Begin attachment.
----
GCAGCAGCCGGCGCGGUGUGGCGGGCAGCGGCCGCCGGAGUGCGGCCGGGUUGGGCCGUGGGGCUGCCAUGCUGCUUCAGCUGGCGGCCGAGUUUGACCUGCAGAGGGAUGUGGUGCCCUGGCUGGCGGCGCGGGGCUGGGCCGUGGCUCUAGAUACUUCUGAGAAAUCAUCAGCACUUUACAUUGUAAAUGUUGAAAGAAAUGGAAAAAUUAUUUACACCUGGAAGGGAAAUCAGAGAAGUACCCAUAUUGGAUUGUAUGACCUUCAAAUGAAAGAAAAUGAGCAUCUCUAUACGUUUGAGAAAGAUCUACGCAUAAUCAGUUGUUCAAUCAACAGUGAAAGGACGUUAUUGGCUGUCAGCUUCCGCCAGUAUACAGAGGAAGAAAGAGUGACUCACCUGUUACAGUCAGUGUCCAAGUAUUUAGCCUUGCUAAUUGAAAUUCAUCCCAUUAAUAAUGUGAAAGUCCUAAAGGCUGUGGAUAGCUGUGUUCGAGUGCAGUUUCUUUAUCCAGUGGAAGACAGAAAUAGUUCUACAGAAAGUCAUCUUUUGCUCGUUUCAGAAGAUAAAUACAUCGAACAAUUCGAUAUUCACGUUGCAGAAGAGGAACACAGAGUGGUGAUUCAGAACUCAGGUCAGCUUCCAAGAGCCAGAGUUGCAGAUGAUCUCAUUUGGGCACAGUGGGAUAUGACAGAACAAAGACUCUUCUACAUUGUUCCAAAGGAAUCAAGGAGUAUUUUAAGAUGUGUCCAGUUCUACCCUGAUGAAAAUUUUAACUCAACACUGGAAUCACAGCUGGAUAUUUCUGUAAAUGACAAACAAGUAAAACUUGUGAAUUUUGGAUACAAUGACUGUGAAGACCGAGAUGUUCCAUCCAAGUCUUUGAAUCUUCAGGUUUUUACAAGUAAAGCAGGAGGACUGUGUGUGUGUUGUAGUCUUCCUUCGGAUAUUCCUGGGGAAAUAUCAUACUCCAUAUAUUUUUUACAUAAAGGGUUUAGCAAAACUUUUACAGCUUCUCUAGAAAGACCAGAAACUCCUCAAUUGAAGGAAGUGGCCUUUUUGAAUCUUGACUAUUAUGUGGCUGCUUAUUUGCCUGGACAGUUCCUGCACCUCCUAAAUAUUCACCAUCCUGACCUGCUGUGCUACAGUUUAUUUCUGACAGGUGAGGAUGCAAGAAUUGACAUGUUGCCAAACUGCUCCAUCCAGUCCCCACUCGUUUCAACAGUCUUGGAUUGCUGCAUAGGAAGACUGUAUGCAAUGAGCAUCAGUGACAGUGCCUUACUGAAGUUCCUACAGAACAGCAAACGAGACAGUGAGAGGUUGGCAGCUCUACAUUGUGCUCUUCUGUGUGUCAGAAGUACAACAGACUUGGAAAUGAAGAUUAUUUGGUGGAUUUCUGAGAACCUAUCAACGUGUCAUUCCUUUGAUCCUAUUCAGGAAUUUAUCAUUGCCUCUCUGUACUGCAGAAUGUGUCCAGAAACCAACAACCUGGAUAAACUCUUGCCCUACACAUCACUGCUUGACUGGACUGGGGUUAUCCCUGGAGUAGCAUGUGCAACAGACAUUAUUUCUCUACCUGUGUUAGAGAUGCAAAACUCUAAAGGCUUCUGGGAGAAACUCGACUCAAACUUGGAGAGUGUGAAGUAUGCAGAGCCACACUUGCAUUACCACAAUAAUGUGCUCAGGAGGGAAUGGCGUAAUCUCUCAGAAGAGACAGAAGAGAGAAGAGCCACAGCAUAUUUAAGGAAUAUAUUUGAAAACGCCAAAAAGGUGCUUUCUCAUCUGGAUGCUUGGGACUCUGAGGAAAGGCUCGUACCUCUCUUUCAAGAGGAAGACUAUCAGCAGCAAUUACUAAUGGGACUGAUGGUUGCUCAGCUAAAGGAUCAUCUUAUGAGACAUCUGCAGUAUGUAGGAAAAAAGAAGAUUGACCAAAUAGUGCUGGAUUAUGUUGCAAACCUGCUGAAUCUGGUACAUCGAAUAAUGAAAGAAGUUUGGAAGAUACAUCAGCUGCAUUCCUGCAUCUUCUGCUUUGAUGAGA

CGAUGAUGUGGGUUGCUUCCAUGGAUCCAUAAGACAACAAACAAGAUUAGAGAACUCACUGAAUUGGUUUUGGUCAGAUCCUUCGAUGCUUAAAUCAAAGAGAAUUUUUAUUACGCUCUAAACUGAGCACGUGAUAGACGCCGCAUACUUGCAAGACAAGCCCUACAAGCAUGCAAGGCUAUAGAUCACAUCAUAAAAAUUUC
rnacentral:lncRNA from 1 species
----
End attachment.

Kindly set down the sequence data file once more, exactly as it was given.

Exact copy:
GCAGCAGCCGGCGCGGUGUGGCGGGCAGCGGCCGCCGGAGUGCGGCCGGGUUGGGCCGUGGGGCUGCCAUGCUGCUUCAGCUGGCGGCCGAGUUUGACCUGCAGAGGGAUGUGGUGCCCUGGCUGGCGGCGCGGGGCUGGGCCGUGGCUCUAGAUACUUCUGAGAAAUCAUCAGCACUUUACAUUGUAAAUGUUGAAAGAAAUGGAAAAAUUAUUUACACCUGGAAGGGAAAUCAGAGAAGUACCCAUAUUGGAUUGUAUGACCUUCAAAUGAAAGAAAAUGAGCAUCUCUAUACGUUUGAGAAAGAUCUACGCAUAAUCAGUUGUUCAAUCAACAGUGAAAGGACGUUAUUGGCUGUCAGCUUCCGCCAGUAUACAGAGGAAGAAAGAGUGACUCACCUGUUACAGUCAGUGUCCAAGUAUUUAGCCUUGCUAAUUGAAAUUCAUCCCAUUAAUAAUGUGAAAGUCCUAAAGGCUGUGGAUAGCUGUGUUCGAGUGCAGUUUCUUUAUCCAGUGGAAGACAGAAAUAGUUCUACAGAAAGUCAUCUUUUGCUCGUUUCAGAAGAUAAAUACAUCGAACAAUUCGAUAUUCACGUUGCAGAAGAGGAACACAGAGUGGUGAUUCAGAACUCAGGUCAGCUUCCAAGAGCCAGAGUUGCAGAUGAUCUCAUUUGGGCACAGUGGGAUAUGACAGAACAAAGACUCUUCUACAUUGUUCCAAAGGAAUCAAGGAGUAUUUUAAGAUGUGUCCAGUUCUACCCUGAUGAAAAUUUUAACUCAACACUGGAAUCACAGCUGGAUAUUUCUGUAAAUGACAAACAAGUAAAACUUGUGAAUUUUGGAUACAAUGACUGUGAAGACCGAGAUGUUCCAUCCAAGUCUUUGAAUCUUCAGGUUUUUACAAGUAAAGCAGGAGGACUGUGUGUGUGUUGUAGUCUUCCUUCGGAUAUUCCUGGGGAAAUAUCAUACUCCAUAUAUUUUUUACAUAAAGGGUUUAGCAAAACUUUUACAGCUUCUCUAGAAAGACCAGAAACUCCUCAAUUGAAGGAAGUGGCCUUUUUGAAUCUUGACUAUUAUGUGGCUGCUUAUUUGCCUGGACAGUUCCUGCACCUCCUAAAUAUUCACCAUCCUGACCUGCUGUGCUACAGUUUAUUUCUGACAGGUGAGGAUGCAAGAAUUGACAUGUUGCCAAACUGCUCCAUCCAGUCCCCACUCGUUUCAACAGUCUUGGAUUGCUGCAUAGGAAGACUGUAUGCAAUGAGCAUCAGUGACAGUGCCUUACUGAAGUUCCUACAGAACAGCAAACGAGACAGUGAGAGGUUGGCAGCUCUACAUUGUGCUCUUCUGUGUGUCAGAAGUACAACAGACUUGGAAAUGAAGAUUAUUUGGUGGAUUUCUGAGAACCUAUCAACGUGUCAUUCCUUUGAUCCUAUUCAGGAAUUUAUCAUUGCCUCUCUGUACUGCAGAAUGUGUCCAGAAACCAACAACCUGGAUAAACUCUUGCCCUACACAUCACUGCUUGACUGGACUGGGGUUAUCCCUGGAGUAGCAUGUGCAACAGACAUUAUUUCUCUACCUGUGUUAGAGAUGCAAAACUCUAAAGGCUUCUGGGAGAAACUCGACUCAAACUUGGAGAGUGUGAAGUAUGCAGAGCCACACUUGCAUUACCACAAUAAUGUGCUCAGGAGGGAAUGGCGUAAUCUCUCAGAAGAGACAGAAGAGAGAAGAGCCACAGCAUAUUUAAGGAAUAUAUUUGAAAACGCCAAAAAGGUGCUUUCUCAUCUGGAUGCUUGGGACUCUGAGGAAAGGCUCGUACCUCUCUUUCAAGAGGAAGACUAUCAGCAGCAAUUACUAAUGGGACUGAUGGUUGCUCAGCUAAAGGAUCAUCUUAUGAGACAUCUGCAGUAUGUAGGAAAAAAGAAGAUUGACCAAAUAGUGCUGGAUUAUGUUGCAAACCUGCUGAAUCUGGUACAUCGAAUAAUGAAAGAAGUUUGGAAGAUACAUCAGCUGCAUUCCUGCAUCUUCUGCUUUGAUGAGA

CGAUGAUGUGGGUUGCUUCCAUGGAUCCAUAAGACAACAAACAAGAUUAGAGAACUCACUGAAUUGGUUUUGGUCAGAUCCUUCGAUGCUUAAAUCAAAGAGAAUUUUUAUUACGCUCUAAACUGAGCACGUGAUAGACGCCGCAUACUUGCAAGACAAGCCCUACAAGCAUGCAAGGCUAUAGAUCACAUCAUAAAAAUUUC
rnacentral:lncRNA from 1 species